I’ve always been self-conscious of my body. I’ve always worried about whether my arms jiggle, my legs/thighs look too big, if I have too many freckles, if my scar on my stomach is too noticeable or if the circles under my eyes are too dark. People compare Rachel and I all the time, which can be good and bad. We have been through a lot together always very supportive and encouraging to each other, which has not changed as we’ve gotten older. I’ve also found that motherhood has allowed me to embrace myself even more. My children have made me realize that unconditional love allows you to be blind to flaws. Your body definitely changes after carrying babies, but it really makes you appreciate and respect what a woman’s body is capable of doing. I grew babies, an incredible miracle! If my body can do that, then I need to embrace and love all of my flaws. I see many features that are not perfect but tell lots of stories — freckles all over my face from the many days playing in the sun, circles under my eyes from the sleepless nights from studying and taking care of my babies, wrinkles on my forehead and cheeks from happy and sad times. — Jessica

 

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Rising From The Depths

Photographer: Jenna Citrus
Model: Stephanie West
I was sexually abused starting at the age of nine. That terrible experience has always influenced the way I see myself and the perception I have of my body. However, I’m trying to change that. My self-image may come from a place of shame, but therapy has helped me understand my trauma and the emotions I have because of it. Slowly but surely, I’m moving away from the shame toward a place of acceptance and love for myself and my body. My photo reflects the idea of my self-image coming from that darker place but ultimately I’m accepting my body and learning to love and appreciate it. Currently, I don’t love my body. I think that will always be something I struggle with. But I can hold on to the hope of one day feeling at home in my body and seeing it as it really is, rather than through a lens warped by trauma. I hope my photo will also convey a sense of peace. There may be darkness, but there is also light and life and hope.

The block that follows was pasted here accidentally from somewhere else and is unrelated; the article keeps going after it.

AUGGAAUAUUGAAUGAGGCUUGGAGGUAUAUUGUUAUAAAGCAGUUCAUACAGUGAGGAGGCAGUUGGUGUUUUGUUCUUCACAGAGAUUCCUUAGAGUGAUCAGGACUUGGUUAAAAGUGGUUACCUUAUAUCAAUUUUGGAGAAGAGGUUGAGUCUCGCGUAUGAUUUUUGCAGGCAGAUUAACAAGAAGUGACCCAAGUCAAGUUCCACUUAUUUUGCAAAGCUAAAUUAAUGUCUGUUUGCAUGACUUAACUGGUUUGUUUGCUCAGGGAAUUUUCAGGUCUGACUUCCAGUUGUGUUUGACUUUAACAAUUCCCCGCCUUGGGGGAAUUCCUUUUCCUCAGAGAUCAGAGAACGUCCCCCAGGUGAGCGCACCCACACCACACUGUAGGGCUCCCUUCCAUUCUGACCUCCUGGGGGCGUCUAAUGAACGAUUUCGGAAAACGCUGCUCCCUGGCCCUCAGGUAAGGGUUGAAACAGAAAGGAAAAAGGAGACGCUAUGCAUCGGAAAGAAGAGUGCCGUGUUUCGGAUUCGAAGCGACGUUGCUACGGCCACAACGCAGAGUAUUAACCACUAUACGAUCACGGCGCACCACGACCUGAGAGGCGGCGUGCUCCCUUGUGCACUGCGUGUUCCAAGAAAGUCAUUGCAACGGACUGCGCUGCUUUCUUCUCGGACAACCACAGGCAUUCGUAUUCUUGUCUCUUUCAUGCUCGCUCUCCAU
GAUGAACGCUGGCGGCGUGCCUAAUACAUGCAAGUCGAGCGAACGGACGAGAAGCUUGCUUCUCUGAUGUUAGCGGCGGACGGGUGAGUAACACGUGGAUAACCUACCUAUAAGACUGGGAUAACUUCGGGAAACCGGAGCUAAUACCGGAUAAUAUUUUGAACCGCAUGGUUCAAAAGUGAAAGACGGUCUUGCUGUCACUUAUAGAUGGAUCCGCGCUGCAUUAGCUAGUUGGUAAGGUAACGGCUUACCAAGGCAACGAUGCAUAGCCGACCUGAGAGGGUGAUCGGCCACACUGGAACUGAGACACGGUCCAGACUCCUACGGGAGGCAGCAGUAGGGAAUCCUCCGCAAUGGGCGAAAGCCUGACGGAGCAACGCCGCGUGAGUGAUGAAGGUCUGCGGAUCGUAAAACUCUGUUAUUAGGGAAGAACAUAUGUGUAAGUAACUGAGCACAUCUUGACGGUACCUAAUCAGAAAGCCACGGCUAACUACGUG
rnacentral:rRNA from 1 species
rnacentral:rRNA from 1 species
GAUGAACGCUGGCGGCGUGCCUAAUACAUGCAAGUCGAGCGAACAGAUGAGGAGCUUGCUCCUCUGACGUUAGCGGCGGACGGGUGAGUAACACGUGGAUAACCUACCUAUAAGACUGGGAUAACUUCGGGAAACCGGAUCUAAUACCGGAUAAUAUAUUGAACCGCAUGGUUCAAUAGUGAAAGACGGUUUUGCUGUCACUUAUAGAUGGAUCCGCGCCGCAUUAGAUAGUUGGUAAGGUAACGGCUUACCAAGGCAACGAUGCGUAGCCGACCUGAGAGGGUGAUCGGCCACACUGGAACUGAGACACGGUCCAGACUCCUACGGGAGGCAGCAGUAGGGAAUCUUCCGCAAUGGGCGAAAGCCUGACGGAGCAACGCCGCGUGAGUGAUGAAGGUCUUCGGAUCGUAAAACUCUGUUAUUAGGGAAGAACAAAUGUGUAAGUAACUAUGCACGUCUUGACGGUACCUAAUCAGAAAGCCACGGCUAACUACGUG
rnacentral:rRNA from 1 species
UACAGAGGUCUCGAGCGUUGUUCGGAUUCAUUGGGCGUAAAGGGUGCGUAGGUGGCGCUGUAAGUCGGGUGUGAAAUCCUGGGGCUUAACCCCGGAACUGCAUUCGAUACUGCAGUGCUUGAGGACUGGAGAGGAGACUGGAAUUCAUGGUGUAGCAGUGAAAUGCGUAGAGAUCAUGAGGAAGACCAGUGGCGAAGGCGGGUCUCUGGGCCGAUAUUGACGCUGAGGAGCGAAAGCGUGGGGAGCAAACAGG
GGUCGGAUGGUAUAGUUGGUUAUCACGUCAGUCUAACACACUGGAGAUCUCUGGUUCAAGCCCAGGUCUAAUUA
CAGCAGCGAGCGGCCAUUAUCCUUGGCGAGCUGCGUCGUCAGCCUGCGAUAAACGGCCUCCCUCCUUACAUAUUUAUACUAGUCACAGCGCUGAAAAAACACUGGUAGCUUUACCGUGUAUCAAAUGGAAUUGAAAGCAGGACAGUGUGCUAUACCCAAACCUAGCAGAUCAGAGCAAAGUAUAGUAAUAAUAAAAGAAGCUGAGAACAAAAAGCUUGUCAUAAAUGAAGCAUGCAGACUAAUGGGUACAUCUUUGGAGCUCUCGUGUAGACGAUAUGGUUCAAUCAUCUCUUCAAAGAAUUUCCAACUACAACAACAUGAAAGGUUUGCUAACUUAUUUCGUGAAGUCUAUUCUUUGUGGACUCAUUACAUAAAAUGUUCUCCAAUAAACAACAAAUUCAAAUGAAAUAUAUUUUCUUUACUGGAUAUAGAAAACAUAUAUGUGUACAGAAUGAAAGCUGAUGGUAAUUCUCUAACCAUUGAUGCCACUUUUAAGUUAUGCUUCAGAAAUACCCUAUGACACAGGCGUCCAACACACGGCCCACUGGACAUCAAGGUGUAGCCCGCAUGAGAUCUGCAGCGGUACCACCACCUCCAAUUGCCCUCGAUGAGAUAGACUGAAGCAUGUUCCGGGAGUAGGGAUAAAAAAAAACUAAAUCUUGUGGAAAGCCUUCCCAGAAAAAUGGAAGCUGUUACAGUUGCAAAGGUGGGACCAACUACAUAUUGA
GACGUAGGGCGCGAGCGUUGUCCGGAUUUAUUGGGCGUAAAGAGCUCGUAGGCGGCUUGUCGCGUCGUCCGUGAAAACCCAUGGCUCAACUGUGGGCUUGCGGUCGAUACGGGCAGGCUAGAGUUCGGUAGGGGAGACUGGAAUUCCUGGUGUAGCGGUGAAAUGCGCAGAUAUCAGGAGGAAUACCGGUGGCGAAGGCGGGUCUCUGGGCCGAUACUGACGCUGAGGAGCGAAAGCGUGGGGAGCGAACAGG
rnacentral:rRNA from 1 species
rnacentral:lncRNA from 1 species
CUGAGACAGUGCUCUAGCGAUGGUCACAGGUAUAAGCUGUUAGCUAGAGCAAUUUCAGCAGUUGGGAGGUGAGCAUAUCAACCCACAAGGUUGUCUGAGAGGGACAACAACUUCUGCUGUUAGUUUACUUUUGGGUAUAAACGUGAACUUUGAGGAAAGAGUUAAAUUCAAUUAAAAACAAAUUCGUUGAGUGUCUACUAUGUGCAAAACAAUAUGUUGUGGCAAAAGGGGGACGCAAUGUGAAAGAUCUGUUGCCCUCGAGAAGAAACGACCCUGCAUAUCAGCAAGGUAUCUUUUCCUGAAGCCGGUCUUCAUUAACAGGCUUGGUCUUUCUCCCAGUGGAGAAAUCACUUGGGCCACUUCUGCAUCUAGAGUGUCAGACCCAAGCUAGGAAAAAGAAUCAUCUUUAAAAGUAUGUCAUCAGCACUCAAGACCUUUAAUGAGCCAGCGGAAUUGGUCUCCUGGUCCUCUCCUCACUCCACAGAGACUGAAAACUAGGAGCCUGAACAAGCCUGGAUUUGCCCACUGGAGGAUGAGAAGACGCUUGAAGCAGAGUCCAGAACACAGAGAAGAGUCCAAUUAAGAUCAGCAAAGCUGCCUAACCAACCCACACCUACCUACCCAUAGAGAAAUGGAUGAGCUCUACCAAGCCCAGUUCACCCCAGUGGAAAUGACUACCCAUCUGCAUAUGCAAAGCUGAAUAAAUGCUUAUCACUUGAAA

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Against the Grain

Photographer: Jenna Citrus
Model: Chloe Snead
MUA: Lily Pease
I am a woman born in a male’s body. For most of my life I have felt cursed. In this society there is a stark contrast between how men and women are treated and what is expected of them. I have only recently started living as my true self — a woman. And although my physical representation doesn’t change the fact I am a woman, I still want to undergo changes and hormone replacement therapy to feel more comfortable in my skin. I have to go against the grain to be true to myself. And it’s worth it. There is much I want to change. I am standing up and being ME despite my body. I used to carry so much shame and disgust of my body, beating myself up convinced I couldn’t wear the clothes I wanted and that I would never have the body I wanted.
Then I realized no one in this whole wide universe can stop me from being true to myself. When I look in the mirror most of the time I see a man reflected, which hurts a lot. I avoid my reflection. But with make-up and a good outfit, I can sometimes get a glimpse of my true form. I fully expect that over time and with HRT my body will start to reflect who I am internally. And that is something that gives me the power to press forward.